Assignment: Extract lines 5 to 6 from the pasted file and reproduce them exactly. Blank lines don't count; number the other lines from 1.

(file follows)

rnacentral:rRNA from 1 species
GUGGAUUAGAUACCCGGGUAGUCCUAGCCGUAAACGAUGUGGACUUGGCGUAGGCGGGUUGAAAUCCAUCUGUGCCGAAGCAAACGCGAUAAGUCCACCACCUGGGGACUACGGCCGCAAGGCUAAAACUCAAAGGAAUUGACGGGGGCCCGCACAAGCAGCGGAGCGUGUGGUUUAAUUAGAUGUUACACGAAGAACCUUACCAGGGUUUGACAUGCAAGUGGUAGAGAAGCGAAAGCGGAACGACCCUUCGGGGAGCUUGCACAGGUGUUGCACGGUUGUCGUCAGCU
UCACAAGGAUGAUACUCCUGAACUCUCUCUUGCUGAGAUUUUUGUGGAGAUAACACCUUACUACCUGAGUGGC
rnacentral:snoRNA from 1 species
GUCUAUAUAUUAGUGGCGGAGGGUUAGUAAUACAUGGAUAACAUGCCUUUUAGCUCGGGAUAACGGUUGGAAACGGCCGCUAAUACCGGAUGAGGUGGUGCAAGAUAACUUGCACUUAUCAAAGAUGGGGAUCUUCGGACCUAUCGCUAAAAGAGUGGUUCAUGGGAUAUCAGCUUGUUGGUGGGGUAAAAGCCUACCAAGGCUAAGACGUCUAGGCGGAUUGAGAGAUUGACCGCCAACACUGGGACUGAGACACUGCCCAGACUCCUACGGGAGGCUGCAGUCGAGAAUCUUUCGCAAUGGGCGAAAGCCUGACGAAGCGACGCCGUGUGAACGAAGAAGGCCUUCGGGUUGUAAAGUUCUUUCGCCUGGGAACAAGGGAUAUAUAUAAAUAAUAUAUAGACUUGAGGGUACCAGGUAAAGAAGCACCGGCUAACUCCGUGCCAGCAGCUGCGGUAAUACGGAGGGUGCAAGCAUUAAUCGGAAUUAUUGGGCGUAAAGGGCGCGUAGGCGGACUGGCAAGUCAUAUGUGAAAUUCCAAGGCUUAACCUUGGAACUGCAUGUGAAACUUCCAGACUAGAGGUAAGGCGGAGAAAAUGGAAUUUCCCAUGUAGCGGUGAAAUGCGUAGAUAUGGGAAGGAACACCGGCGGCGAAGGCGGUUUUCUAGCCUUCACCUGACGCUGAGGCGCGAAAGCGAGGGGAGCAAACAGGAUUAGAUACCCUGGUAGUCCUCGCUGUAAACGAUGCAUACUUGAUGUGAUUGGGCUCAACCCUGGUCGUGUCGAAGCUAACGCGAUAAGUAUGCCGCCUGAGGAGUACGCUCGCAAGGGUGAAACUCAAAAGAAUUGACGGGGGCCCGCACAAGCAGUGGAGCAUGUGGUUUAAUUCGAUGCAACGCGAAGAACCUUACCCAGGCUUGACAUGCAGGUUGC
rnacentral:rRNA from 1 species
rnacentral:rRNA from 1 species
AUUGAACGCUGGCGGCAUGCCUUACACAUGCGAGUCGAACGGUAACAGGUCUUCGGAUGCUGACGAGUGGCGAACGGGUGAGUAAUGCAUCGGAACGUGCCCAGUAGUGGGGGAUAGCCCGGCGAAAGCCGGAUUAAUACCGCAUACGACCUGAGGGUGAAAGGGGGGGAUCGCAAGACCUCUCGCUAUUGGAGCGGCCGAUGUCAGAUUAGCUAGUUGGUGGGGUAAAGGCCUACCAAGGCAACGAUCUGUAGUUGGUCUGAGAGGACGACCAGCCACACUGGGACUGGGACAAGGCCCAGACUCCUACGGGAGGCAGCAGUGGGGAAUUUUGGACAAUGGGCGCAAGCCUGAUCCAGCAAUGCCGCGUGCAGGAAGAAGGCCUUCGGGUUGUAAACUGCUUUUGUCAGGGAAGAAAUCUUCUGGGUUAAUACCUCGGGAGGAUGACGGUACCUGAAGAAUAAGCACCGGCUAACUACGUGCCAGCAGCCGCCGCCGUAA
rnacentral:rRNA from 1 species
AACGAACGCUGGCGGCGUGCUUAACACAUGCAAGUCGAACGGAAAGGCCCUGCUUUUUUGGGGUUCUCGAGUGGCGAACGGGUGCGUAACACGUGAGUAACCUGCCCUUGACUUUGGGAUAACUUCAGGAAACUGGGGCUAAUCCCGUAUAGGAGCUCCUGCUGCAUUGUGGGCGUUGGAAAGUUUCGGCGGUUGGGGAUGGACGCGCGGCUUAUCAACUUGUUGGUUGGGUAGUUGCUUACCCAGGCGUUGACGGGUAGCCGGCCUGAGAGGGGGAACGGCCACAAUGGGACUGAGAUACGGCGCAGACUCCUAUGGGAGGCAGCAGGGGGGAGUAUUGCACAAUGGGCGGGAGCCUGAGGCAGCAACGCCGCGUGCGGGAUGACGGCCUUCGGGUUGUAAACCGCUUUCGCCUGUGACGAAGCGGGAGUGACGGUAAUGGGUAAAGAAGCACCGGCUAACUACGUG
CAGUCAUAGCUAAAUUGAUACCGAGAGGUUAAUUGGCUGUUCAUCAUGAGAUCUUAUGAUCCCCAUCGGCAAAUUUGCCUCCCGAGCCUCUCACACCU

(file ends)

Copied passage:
GUCUAUAUAUUAGUGGCGGAGGGUUAGUAAUACAUGGAUAACAUGCCUUUUAGCUCGGGAUAACGGUUGGAAACGGCCGCUAAUACCGGAUGAGGUGGUGCAAGAUAACUUGCACUUAUCAAAGAUGGGGAUCUUCGGACCUAUCGCUAAAAGAGUGGUUCAUGGGAUAUCAGCUUGUUGGUGGGGUAAAAGCCUACCAAGGCUAAGACGUCUAGGCGGAUUGAGAGAUUGACCGCCAACACUGGGACUGAGACACUGCCCAGACUCCUACGGGAGGCUGCAGUCGAGAAUCUUUCGCAAUGGGCGAAAGCCUGACGAAGCGACGCCGUGUGAACGAAGAAGGCCUUCGGGUUGUAAAGUUCUUUCGCCUGGGAACAAGGGAUAUAUAUAAAUAAUAUAUAGACUUGAGGGUACCAGGUAAAGAAGCACCGGCUAACUCCGUGCCAGCAGCUGCGGUAAUACGGAGGGUGCAAGCAUUAAUCGGAAUUAUUGGGCGUAAAGGGCGCGUAGGCGGACUGGCAAGUCAUAUGUGAAAUUCCAAGGCUUAACCUUGGAACUGCAUGUGAAACUUCCAGACUAGAGGUAAGGCGGAGAAAAUGGAAUUUCCCAUGUAGCGGUGAAAUGCGUAGAUAUGGGAAGGAACACCGGCGGCGAAGGCGGUUUUCUAGCCUUCACCUGACGCUGAGGCGCGAAAGCGAGGGGAGCAAACAGGAUUAGAUACCCUGGUAGUCCUCGCUGUAAACGAUGCAUACUUGAUGUGAUUGGGCUCAACCCUGGUCGUGUCGAAGCUAACGCGAUAAGUAUGCCGCCUGAGGAGUACGCUCGCAAGGGUGAAACUCAAAAGAAUUGACGGGGGCCCGCACAAGCAGUGGAGCAUGUGGUUUAAUUCGAUGCAACGCGAAGAACCUUACCCAGGCUUGACAUGCAGGUUGC
rnacentral:rRNA from 1 species